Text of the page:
95
165
94.55
165
94.7

Designs for Quadratic Model

Quadratic model
Y = 0 + 1 X 1 + 2 X 2 + 11 X 12 + 22 X 22 + 12 X 1 X 2 +

Special designs are used for the Quadratic model.


Central Composite Design (CCD) is one of them.

CCD can be directly augmented from a regular


factorial design.

At the optimal region, the curvature is significant. The simple linear model is not enough any more.
2010 RAMS Tutorial DOE Guo and Mettas

47
2010 RAMS Tutorial DOE Guo and Mettas

Direction of Steepest Ascent

48

Augment a Factorial Design to a Central Composite Design

Y = 35.6375 + 1.1625 X 1 + 0.4875 X 2

The coefficients show that the direction is (1.1626, 0.4875) or

can be normalized to (2.4, 1).


The direction of steepest ascent is perpendicular to the contour lines.

Using a 2 factor factorial design as example:


(0, )

(-1,1)

(1,1)

(-, 0)
(1,-1)

(-1,-1)

(0, 0)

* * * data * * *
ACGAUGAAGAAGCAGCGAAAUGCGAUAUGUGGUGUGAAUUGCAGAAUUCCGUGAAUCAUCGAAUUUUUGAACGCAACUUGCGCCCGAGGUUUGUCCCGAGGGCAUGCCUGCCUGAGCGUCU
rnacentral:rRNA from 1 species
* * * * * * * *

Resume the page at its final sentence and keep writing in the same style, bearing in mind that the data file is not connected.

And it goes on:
(, 0)

(0, -)

(0, )
(1,1)

(-1,1)
(-, 0)

(, 0)

(0, 0)
(1,-1)

(-1,-1)
(0, -)

2010 RAMS Tutorial DOE Guo and Mettas

44

The points outside the rectangle are called axial points or


star points.
2010 RAMS Tutorial DOE Guo and Mettas

Further Investigation at the Optimal Region

From the sequential tests, we found the setting at


step 10 (Temp = 350, Time = 165) is close to the
optimal region.
The region around the setting at step 10
(Temp = 350, Time = 165) should be investigated.
A Factorial Design with a center point of (350, 165)
was conducted.

49

The Complete CCD Matrix for the Example


Std. Order
1
2
3
4
5
6
7
8
9
10
11
12
13

Point Type
1
1
1
1
0
0
0
0
0
-1
-1
-1
-1

A:Temperature (F)
345
355
345
355
350
350
350
350
350
342.93
357.07
350
350

B:Reaction Time (min)


155
155
175
175
165
165
165
165
165
165
165
150.86
179.14

Yield (%)
89.75
90.2
92
94.25